While Sex Pistols was undoubtedly a boys club, Joan Jett’s throaty channeling of a slightly femme-ier hard-edged vibe convinced the Pistols’ Paul Cook and Steve Jones to join in on three Jett recordings (including an early track of “I Love Rock and Roll”) during her visit to England in ’79. Years later, Jett showed her appreciation through re-interpretation, with this kicking version of their third single. Allegedly the original tune’s main riff was inspired by Abba’s “SOS.” This tune’s cynical reverence of things inane might be just the way to start off an irony-draped birthday festivity for King Rotten.
Bananarama – No Feelings (Sex Pistols cover)
1983’s teen film “Party Party” was England’s answer to the John Hughes’-style house party genre movies proliferating in the US. And what better soundtrack addition to a venture like this than lady-duo Bananarama singing a skippy pop cover of this Sex Pistol’s track? Okay, so such a tune might not pass grade on Rotten’s “authenticity” scale, but it sure does exemplify the sentiment of the song title. And, anyway, sometimes at a birthday party you really just want to calmly two-step next to the bowl of Cheetos. Yes, even you, Sir Rotten. We know how you hate getting cheese dust on your carpet.
Veruca Salt – Bodies (Sex Pistols cover)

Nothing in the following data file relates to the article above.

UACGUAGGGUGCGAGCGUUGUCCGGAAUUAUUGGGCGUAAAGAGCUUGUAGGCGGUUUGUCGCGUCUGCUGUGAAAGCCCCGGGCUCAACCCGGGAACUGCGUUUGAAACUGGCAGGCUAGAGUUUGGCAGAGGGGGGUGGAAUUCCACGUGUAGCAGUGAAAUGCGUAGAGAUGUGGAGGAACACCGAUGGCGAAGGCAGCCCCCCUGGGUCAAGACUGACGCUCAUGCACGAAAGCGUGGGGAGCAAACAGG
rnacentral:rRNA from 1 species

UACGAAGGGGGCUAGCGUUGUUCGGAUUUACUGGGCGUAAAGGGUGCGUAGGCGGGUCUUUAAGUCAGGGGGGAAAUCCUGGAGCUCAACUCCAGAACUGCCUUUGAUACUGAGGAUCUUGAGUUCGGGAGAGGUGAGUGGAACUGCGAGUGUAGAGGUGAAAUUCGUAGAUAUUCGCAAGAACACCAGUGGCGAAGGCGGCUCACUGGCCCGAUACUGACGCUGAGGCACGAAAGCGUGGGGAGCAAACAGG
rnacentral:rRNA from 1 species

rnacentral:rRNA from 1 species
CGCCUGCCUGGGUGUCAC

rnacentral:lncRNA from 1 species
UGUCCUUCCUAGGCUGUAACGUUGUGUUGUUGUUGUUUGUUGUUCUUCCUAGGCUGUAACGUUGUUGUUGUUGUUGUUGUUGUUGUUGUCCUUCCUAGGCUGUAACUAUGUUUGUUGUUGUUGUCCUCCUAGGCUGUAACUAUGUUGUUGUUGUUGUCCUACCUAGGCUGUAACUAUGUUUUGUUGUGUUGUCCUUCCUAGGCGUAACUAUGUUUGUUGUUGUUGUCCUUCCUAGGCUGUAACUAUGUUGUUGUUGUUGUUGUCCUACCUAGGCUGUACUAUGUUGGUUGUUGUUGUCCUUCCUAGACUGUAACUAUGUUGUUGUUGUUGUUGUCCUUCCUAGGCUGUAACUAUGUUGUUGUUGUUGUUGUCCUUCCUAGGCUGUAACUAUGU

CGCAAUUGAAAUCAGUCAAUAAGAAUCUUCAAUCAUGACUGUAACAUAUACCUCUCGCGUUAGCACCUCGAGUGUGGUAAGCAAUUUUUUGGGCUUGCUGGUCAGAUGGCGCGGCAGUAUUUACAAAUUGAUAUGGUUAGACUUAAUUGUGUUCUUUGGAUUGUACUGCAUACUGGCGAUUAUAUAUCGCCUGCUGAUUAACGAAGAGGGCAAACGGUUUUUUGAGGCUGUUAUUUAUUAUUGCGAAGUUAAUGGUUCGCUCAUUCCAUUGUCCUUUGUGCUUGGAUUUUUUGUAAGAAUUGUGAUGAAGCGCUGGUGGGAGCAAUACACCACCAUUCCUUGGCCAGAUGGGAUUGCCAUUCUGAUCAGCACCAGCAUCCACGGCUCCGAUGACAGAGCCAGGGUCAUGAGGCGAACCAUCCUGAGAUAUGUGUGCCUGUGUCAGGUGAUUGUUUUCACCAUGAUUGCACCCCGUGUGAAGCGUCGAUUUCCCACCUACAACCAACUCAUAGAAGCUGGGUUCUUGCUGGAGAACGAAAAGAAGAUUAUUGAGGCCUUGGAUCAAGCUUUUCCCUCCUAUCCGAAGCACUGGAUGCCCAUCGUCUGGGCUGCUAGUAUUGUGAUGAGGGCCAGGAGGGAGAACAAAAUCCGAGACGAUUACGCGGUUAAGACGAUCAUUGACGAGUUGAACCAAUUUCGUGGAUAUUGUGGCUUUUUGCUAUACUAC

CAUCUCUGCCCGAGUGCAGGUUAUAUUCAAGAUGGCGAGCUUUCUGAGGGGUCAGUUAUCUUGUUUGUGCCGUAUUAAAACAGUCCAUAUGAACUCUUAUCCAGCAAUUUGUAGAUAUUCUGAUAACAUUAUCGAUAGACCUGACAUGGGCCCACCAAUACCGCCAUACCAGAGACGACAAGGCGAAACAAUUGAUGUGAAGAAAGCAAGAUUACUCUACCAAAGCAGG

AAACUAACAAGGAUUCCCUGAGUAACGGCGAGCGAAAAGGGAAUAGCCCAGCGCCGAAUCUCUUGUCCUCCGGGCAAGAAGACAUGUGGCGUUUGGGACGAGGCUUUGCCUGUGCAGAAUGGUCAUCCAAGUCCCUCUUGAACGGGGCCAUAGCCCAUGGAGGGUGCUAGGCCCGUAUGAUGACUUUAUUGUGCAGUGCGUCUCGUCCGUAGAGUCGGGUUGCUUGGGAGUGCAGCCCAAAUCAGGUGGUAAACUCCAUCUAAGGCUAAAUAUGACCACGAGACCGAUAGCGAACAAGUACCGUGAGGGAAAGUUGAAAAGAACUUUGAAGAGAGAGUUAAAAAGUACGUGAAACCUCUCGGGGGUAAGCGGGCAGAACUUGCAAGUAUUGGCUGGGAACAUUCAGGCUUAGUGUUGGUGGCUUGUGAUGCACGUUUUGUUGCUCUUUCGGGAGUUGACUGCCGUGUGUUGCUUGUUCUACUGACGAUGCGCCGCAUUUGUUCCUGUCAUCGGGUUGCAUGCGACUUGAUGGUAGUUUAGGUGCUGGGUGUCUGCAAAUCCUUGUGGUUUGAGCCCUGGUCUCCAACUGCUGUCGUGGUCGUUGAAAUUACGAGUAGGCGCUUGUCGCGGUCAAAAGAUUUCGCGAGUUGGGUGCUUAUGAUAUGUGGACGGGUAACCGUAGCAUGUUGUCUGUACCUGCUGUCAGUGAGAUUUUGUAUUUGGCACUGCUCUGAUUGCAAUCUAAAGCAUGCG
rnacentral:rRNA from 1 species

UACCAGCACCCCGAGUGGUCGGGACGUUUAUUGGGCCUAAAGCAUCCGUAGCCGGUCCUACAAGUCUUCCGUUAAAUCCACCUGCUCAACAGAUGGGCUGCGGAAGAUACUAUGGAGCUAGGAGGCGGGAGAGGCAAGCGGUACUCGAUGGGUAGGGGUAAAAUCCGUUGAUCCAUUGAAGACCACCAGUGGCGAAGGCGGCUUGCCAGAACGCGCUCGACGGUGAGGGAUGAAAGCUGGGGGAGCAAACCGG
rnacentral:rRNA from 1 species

Lady grunge rockers Veruca Salt serve up a contemplative comment on this emotionally difficult song for that time in the party where a birthday boy might get a bit nostalgic. While much of the Sex Pistols’ politics were aimed at the governance of British society at large, this explicit song about abortion was a more pointed piece of argument, allegedly inspired by the letters (and occasional visits) of a disturbed fan and her real-life experiences. While Veruca Salt’s deep, loping arrangement is certainly not a toe-tapper in the ranks of Bananarama, its musical and thematic coherence is a testament to the enduring power of the Pistols’ message through the era of grunge and, still, today.
Nouvelle Vague – God Save The Queen (Sex Pistols cover)
Simple, sweet, stripped-down and seductive, Nouvelle Vague’s acoustic interpretation of this ultimate Sex Pistols classic follows well in the playlist after the guests have gone and whilst the cake plates are tossed into the trash bin. Sure, Johnny could choose from any number of devoted psychobilly or post-punk or metal covers of this iconic song. But after so many years of eardrum-shattering amp blasts, to hear how one’s music can be so subversive and simultaneously charming must surely be a welcome treat.
The Queen Haters – I Hate The Bloody Queen
And, after a night of partying, Cheetos, nostalgia, and clean-up… no birthday eve is complete without a little giggle. Second City Television was a beloved Canadian sketch comedy show that ran from 1976 to 1984. Aside from arguably launching the careers of character actors such as Eugene Levy, Martin Short, Andrea Martin, John Candy and others… it also broadcast spoofs of contemporary events and culture that, in their own geeky low-budget way, have truly stood the test of time. And so as the John Lydon birthday party comes to a close, let us roast one of our favourite punky fellows with this parody of his Pistols. If Johnny doesn’t smile at Martin Short’s dance moves, then next year we’ll have to whip up that rancid raspberry cake.